Hammer Films‘ latest production, an adaptation of Susan Hill‘s The Woman in Black, is a flawed yet enjoyable spectral romp that could have been a gem if it wasn’t marred by cheap, sensational gimmicks.
Arthur Kipps (Daniel Radcliffe), whose wife died during childbirth, is dispatched to Eel Marsh House by his law firm in order to secure papers that would permit the sale of the said building. However the residents of the nearby village view his sojourn with disdain as they fear that his meddling might provoke the ghost of Jennet Humfrye (Liz White), a woman who cursed the village children after her son had been taken away from her.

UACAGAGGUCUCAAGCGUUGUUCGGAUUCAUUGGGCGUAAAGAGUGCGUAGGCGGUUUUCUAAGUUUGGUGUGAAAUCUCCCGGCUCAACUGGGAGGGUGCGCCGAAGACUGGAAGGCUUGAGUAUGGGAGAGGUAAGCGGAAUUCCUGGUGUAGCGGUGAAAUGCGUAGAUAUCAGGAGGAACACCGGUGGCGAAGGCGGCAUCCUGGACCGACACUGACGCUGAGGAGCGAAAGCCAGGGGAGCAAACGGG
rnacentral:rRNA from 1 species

Director James Watkins‘s Edwardian ghost story, despite hitting most of the right notes, fails to deliver on its promised goods. The film attempts to strike a balance between suggestive/atmospheric set pieces and ‘boo!’ moments (slow pans followed by a cut and a loud burst of music), ultimately veering towards the latter. A shame because there are moments when the film shines simply by employing a judicious use of camera, depth of field and a subtle sound score. Also, there are some baffling turns of events, most notably the ending, which leaves one wondering whether Arthur was in fact punished or rewarded for his pains.
Not bad but not good either.
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